Proper 8C June 30, 2013
Today’s reading from the Epistle to the Galatians tells us that the fruit of the Spirit is love, joy, peace, patience, kindness, generosity, faithfulness, gentleness, and self-control. The word translated “patience” in the New Revised Standard Version and “long suffering” in the King James is the Greek makrothumi’a. It combines two words - the adjective makros and the noun thumos, derived from the verb thuo – to make an offering by fire, strong passion, particularly strong anger or rage. We think of it as the opposite of short-tempered, or if there were such a word, long-tempered. God is long-tempered toward our sins. Jesus is long-tempered toward the inhospitable Samaritan village. One of the aspects of the fruit of the Holy Spirit in our lives is makrothumi’a or long-temper. Makrothumi’a is a gift of God, a gift we can receive and show forth in the world Jesus Christ redeemed by his death, a gift of the resurrection and new life. May we seek after and show forth makrothumi’a.
There are at least three roads from Galilee to Jerusalem. The main road now goes down the Mediterranean coast, and then east and up to Jerusalem. In Jesus’ time that was the long way around and rarely used. Jesus knew two roads, the winter road along the Jordan valley to Jericho, then west and up to Jerusalem, and the summer road south over the hills through Samaria coming to Jerusalem from the north.
Today’s gospel tells us the Samaritan villages did not welcome Jesus and his disciples. History tells us why.
Galilee and Samaria in the northern kingdom of Israel had been conquered by Assyria (think Kurdistan) in 722 BC. Most of the people of Israel were dispersed into exile and lost to history. Their place was mostly taken by other conquered exiles who joined with the remnant and formed the Samaritan people.
The southern kingdom of Judah was conquered by the Babylonians (think central Iraq) 136 years later in 586 BC. The Babylonians took most of the people of Judah, including their political and religious leaders, to Babylon where, as Psalm 137 has it, “We sat down and wept.” But Psalm 137 continues, “How shall we sing the Lord’s song in a strange land? If I forget you O Jerusalem, let my right hand forget its skill.” But unlike the earlier refugees the later exiles in Babylon were not lost to history. Led by Ezekiel and other prophets they continued to gather to worship, to study, to maintain the community. They gathered to hear God’s word read, to think about it, to argue about it, to make it part of them, and then to pray – to praise, to intercede for others, and to petition for themselves. They kept the community together looking for the day when they could return to the land of their fathers. That day came in just 50 years with the Persian conquest of Babylon.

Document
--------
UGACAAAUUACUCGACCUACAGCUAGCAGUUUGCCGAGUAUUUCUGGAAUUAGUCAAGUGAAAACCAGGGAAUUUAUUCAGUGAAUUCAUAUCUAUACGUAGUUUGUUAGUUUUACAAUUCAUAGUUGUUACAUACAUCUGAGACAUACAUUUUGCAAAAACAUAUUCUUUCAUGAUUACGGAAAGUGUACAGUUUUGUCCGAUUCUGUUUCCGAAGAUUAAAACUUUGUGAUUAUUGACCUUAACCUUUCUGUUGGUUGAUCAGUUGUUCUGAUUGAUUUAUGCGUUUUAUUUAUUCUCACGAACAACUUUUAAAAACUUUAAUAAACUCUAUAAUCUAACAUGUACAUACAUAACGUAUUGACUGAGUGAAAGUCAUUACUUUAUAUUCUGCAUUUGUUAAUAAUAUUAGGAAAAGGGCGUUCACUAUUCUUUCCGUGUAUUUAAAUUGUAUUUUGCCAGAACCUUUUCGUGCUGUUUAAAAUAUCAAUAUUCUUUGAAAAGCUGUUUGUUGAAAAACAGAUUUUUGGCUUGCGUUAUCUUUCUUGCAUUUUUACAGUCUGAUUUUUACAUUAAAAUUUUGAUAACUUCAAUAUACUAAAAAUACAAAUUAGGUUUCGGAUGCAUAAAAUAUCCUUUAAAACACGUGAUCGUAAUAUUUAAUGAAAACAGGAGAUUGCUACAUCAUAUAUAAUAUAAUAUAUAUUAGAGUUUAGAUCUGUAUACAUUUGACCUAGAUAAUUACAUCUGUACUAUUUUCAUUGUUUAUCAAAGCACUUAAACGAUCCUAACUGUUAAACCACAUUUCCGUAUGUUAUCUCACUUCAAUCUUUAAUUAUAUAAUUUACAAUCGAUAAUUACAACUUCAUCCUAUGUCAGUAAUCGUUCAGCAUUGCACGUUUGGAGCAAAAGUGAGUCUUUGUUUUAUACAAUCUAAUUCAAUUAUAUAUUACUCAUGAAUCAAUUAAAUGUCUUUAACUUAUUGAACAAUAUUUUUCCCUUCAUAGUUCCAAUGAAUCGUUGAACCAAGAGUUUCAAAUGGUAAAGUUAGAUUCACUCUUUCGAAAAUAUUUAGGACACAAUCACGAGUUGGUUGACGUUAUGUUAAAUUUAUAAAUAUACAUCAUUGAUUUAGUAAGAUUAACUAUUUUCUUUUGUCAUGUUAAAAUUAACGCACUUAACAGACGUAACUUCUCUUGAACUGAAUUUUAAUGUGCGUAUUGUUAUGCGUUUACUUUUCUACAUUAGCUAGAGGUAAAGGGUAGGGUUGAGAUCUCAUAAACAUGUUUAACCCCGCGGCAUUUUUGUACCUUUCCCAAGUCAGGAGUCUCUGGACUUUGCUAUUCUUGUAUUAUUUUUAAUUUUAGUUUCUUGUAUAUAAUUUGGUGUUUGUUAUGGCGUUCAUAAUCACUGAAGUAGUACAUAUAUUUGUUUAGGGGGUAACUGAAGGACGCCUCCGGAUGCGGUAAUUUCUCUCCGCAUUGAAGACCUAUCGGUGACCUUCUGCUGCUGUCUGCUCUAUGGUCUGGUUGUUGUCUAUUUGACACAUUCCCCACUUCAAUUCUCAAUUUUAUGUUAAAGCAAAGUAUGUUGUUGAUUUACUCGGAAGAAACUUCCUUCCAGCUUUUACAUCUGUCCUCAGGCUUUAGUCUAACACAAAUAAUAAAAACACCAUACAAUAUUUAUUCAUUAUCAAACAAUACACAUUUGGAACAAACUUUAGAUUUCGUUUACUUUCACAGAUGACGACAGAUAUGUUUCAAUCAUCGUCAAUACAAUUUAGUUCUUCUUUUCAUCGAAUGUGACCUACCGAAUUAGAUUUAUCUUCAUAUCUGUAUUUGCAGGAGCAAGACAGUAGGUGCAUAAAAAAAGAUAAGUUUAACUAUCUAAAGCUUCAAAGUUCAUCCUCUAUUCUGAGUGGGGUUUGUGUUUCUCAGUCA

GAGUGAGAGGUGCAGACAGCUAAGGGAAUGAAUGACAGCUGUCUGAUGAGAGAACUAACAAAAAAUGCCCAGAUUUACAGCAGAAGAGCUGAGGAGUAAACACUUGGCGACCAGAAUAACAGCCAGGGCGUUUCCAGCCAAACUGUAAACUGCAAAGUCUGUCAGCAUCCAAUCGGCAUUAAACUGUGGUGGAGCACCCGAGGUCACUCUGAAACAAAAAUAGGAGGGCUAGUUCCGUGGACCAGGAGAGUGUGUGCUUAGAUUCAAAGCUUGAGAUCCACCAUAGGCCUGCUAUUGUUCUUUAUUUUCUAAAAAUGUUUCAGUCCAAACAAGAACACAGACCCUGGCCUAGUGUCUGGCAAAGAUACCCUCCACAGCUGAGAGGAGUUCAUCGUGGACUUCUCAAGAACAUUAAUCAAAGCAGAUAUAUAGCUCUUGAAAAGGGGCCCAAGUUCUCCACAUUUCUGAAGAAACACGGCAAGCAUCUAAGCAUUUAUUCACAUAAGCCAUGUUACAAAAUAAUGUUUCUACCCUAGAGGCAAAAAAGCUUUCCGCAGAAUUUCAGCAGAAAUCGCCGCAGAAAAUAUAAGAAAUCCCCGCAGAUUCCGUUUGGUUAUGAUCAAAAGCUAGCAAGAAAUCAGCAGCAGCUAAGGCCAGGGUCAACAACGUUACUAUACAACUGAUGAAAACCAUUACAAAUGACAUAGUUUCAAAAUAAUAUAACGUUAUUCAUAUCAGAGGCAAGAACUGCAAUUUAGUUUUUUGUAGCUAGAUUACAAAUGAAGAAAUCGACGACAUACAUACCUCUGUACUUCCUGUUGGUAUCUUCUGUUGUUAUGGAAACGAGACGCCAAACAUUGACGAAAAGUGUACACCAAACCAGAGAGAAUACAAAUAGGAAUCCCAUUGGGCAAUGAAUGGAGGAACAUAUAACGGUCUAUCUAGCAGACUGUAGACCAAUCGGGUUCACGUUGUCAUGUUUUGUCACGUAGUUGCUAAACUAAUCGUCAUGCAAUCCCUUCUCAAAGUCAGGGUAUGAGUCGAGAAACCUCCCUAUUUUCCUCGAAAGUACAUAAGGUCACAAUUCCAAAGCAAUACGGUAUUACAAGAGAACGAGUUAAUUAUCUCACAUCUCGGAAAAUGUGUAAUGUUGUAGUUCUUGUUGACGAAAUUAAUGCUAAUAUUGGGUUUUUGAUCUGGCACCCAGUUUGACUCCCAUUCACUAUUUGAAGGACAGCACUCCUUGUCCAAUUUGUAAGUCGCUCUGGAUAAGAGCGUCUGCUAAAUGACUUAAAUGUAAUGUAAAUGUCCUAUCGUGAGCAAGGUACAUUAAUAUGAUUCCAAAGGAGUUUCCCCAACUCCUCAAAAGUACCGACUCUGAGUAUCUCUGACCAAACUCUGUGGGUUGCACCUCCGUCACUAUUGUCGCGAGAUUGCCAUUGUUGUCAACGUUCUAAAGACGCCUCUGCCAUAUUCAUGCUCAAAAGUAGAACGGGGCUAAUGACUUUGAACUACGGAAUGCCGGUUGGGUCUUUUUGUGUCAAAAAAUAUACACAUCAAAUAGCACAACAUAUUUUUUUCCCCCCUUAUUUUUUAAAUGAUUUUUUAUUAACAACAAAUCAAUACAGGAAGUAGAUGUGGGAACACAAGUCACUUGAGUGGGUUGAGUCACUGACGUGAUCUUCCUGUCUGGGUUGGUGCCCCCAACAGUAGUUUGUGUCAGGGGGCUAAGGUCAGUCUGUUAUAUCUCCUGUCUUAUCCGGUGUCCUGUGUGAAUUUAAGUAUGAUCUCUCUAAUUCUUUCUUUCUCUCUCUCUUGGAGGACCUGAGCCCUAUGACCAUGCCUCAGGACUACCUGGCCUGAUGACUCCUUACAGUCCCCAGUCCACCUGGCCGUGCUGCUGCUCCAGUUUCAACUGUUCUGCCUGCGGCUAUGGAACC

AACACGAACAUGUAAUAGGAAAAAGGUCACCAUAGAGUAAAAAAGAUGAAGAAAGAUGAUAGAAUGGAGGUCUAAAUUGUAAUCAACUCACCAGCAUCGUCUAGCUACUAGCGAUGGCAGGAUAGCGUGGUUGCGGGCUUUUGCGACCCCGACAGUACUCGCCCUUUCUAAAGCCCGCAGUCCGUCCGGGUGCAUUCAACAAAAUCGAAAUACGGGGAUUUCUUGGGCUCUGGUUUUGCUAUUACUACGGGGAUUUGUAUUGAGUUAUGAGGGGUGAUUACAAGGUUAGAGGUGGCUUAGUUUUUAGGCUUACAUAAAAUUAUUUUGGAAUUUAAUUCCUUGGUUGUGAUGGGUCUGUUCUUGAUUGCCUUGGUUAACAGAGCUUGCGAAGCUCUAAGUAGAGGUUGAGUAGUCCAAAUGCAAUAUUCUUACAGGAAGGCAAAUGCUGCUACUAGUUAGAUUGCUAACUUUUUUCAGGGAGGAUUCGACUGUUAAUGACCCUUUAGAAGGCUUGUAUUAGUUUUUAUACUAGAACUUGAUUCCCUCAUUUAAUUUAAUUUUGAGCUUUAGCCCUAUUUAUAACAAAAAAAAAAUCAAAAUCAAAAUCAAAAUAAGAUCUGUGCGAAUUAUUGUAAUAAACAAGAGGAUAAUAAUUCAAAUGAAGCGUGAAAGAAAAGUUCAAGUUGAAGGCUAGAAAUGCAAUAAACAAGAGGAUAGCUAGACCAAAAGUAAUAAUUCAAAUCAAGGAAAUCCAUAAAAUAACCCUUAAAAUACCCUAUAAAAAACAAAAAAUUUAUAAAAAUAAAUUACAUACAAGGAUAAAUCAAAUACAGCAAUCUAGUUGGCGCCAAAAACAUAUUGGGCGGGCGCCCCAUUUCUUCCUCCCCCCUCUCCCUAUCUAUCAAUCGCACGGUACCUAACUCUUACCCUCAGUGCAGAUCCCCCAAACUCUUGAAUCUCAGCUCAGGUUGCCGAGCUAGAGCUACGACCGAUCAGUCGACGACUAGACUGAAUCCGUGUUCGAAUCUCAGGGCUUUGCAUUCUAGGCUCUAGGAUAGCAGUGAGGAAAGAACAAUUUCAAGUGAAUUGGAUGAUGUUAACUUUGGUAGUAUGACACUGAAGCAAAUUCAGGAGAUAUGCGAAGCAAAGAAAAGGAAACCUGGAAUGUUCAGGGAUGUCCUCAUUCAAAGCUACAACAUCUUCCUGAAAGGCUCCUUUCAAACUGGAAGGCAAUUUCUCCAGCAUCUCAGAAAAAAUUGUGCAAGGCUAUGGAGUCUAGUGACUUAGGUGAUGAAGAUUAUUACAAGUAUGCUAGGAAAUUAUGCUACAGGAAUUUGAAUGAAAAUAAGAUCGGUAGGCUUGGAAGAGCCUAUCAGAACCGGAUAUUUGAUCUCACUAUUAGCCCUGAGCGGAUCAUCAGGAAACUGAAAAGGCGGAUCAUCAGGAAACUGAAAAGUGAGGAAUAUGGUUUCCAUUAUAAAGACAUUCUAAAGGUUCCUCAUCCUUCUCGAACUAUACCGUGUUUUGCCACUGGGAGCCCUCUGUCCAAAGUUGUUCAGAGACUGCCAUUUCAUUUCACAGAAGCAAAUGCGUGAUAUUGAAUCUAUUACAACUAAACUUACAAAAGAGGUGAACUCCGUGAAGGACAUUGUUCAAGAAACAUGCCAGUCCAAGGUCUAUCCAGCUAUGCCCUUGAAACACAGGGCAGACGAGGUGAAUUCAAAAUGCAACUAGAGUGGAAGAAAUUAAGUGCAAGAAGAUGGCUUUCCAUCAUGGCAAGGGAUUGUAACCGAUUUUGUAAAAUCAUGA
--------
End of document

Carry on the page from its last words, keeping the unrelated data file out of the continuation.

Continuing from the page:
But the conflict grew bitter between those who returned purified by the experience of the exile and those who had stayed behind. Jews and Samaritans were neighbors who did not love one another, did not eat together, did not intermarry. So when Jesus and his disciples set out on two or three day hike along the summer high road from Galilee to Jerusalem, they were going through hostile territory. A few places fed and housed Jewish travelers, but most did not. The first place Jesus’ advance men came to turned them away.
None of us likes to be turned away, particularly when we on the road in strange territory. The natural reaction to this kind of rude and inhospitable behavior is anger. When we are badly treated we want revenge. Psalm 137 about the waters of Babylon shows that. “O Daughter of Babylon, doomed to destruction, happy the one who pays you back for what you have done to us! Happy shall he be who takes your little ones, and dashes them against the rock!”
“When his disciples James and John saw it, they said, "Lord, do you want us to command fire to come down from heaven and consume them?" But Jesus turned and rebuked them. Then they went on to another village.”
To their anger and desire for revenge and destruction Jesus shows the fruit of the Spirit in makrothumi’a, patience, long suffering. “The fruit of the Spirit is love, joy, peace, patience, kindness, generosity, faithfulness, gentleness, and self-control.”
Jesus’ response reminds St. Luke of the cost of discipleship. “As they were going along the road, someone said to him, "I will follow you wherever you go." And Jesus said to him, "Foxes have holes, and birds of the air have nests; but the Son of Man has nowhere to lay his head." Jesus and his disciples had left the comforts of home to be dependent on the kindness of strangers.
When Jesus called a disciple to follow him, the man said, “Lord, first let me go and bury my father.” That might have meant right away, the funeral was that day, but it also might mean the man asked to wait until his father was dead and he received his inheritance. I’m as prone as anyone else to procrastination, finding excuses to put things off. Retirement reminds me, “What are we waiting for?” God calls us when he calls us; God doesn’t wait around.
But God does show us makrothumi’a. patience, longsuffering, long temper. He calls us to love and serve Jesus and he waits for us to do so with divine patience, long suffering, long temper, makrothumi’a.
And to those who have responded to his call God gives new life and his Holy Spirit. “The fruit of the Spirit is love, joy, peace, patience, kindness, generosity, faithfulness, gentleness, and self-control. There is no law against such things. And those who belong to Christ Jesus have crucified the flesh with its passions and desires. If we live by the Spirit, let us also be guided by the Spirit.” Amen.